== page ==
I think John Boehner truly wants to get a big deal done—the $4 trillion grand bargain—which could calm the financial markets and go a long way toward paying down America’s debt. He said as much last week. Boehner must of figured that as Speaker of the House, he was the leader of his party in the House. That’s clearly not the case. Majority Leader Eric Cantor, his second in command, is the guy in charge. After throwing Boehner under the bus by pulling out of the debt ceiling talks a couple weeks ago, Cantor is leading the charge for a smaller deal that would include zero compromise on the revenue side—no tax increases on the wealthy, no closing of tax loopholes, nothing with the word “tax” in it unless it is followed by the word “cut”. The Cantor-led GOP will agree to nothing unless they get all of what they want. At a White House meeting yesterday, Cantor did most of the talking—indicative of his new found clout.



The White House knows the GOP position is unreasonable and will exploit it. President Obama will take to the bully pulpit and Democratic surrogates will hit the airwaves and hammer the Republicans for protecting the wealthy at the expense of the middle and working classes. Democrats have already agreed to make painful cuts in popular entitlement programs such as Medicare, Medicaid, and Social Security. What pain are Republicans willing to dole out to their benefactors? If Cantor and his crowd get their way: none. Fear of Tea Party primary challenges and Grover Norquist overwhelm any ability of most in the GOP caucus to strike a reasonable deal. Boehner was right to seek the Grand Bargain—it would have been good for the country and his party. Unfortunately, he way overestimated his own ability to deliver.

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RIP Betty Ford



First Lady Betty Ford, widow of President Gerald Ford, passed away July 8, 2011. She was 93. She was a pathbreaking First Lady and beloved by many.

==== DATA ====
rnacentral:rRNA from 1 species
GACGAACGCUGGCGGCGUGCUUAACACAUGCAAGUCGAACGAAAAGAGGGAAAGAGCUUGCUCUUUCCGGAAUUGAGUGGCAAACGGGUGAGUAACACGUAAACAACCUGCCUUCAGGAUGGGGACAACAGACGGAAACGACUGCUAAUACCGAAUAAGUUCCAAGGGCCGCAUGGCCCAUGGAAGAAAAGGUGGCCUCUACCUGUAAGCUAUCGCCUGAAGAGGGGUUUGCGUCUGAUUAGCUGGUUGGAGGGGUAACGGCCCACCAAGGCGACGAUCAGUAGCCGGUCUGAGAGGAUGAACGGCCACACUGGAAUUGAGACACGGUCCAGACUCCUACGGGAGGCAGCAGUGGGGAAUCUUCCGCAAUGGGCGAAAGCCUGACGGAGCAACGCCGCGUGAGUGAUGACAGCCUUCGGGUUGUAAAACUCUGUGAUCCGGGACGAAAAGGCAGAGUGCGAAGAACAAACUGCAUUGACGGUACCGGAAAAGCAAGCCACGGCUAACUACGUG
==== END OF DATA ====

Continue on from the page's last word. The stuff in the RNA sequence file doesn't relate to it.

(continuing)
According to Reid Epstein of Politico: "After her husband elevated to the presidency following Richard Nixon’s 1974 resignation, Ford campaigned for the Equal Rights Amendment, legal abortion and spoke openly of her battle with breast cancer. For these efforts, she was one of 12 women named as Time magazine’s Women of the Year for 1975."

He continues: "Her longest lasting legacy will be the Betty Ford Center for drug and alcohol rehabilition in Rancho Mirage, Calif. Ford founded the center in 1982 after her own battle with alcohol abuse and prescription medication. It has become the substance rehabilitation center for celebrities ranging from Mickey Mantle to Elizabeth Taylor. For years after the facility opened, Ford greeted each patient individually, telling them about her path to recovery from addiction to alcohol and pain medication."

Thursday, July 7, 2011

"It's Much Easier to Tweet from the Seated Position"



A historic first today: President Obama hosted a real time Twitter town hall. If anyone doubts the power of social media, the sight of an American president using a laptop and answering questions tweeted from citizens should put those doubts to rest. We indeed live in a brave new world. Surreal.

Tuesday, July 5, 2011

Will the White House Call Their Bluff?

Politico Arena Topic: Do Oil Companies Deserve Tax Breaks?

Eliminating tax loopholes has to be part of the equation if the Obama White House and Democrats are going to agree to cut spending as part of a debt ceiling/deficit reduction agreement. Groups like the Club for Growth will howl that elimination of tax loopholes is equivalent to raising taxes. It’s not. The average American tax payer doesn’t have the luxury of benefitting from loopholes. But Big Oil does and their $38 billion in profits for the first three months of 2011 at a time when Americans can barely afford to fill up their gas tanks is an indication that things are way out of balance.

Cutting of domestic spending will no doubt affect middle and working class folks. Elimination of tax loopholes would largely impact upper class folks and Corporate America. Shouldn’t the sacrifice be spread out? If Republicans choose to draw a line in the sand and stand with Big Oil, hedge fund managers, and corporate jet owners, the majority of the American public will stand on the other side of that line. Democrats and the Obama White House know they have the upper hand. But will they call their bluff?

Permalink to Politico Arena comment

Thaddeus McCotter: Strumming His Way to the White House?



Politico Arena Topic: Will Thaddeus McCotter Catch Fire?